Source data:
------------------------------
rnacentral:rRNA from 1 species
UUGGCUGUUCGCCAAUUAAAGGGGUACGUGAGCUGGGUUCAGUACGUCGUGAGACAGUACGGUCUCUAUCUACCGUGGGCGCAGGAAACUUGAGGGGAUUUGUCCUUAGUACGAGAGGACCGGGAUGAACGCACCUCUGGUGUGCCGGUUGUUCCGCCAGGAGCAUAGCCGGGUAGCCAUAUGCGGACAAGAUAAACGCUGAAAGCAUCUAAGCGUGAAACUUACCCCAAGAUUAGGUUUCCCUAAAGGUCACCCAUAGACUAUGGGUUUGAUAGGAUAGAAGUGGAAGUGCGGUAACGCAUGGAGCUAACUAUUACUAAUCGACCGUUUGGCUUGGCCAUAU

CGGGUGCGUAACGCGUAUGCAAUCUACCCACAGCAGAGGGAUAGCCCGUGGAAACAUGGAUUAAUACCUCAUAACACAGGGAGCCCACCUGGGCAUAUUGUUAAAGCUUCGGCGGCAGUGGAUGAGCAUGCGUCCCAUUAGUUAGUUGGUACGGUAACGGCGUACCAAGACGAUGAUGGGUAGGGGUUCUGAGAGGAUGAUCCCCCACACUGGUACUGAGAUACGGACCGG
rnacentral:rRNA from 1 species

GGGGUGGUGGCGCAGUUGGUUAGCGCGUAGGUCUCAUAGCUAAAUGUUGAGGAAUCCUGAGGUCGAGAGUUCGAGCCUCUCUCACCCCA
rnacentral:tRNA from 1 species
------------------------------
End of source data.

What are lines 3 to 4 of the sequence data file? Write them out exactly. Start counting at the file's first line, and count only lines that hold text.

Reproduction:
CGGGUGCGUAACGCGUAUGCAAUCUACCCACAGCAGAGGGAUAGCCCGUGGAAACAUGGAUUAAUACCUCAUAACACAGGGAGCCCACCUGGGCAUAUUGUUAAAGCUUCGGCGGCAGUGGAUGAGCAUGCGUCCCAUUAGUUAGUUGGUACGGUAACGGCGUACCAAGACGAUGAUGGGUAGGGGUUCUGAGAGGAUGAUCCCCCACACUGGUACUGAGAUACGGACCGG
rnacentral:rRNA from 1 species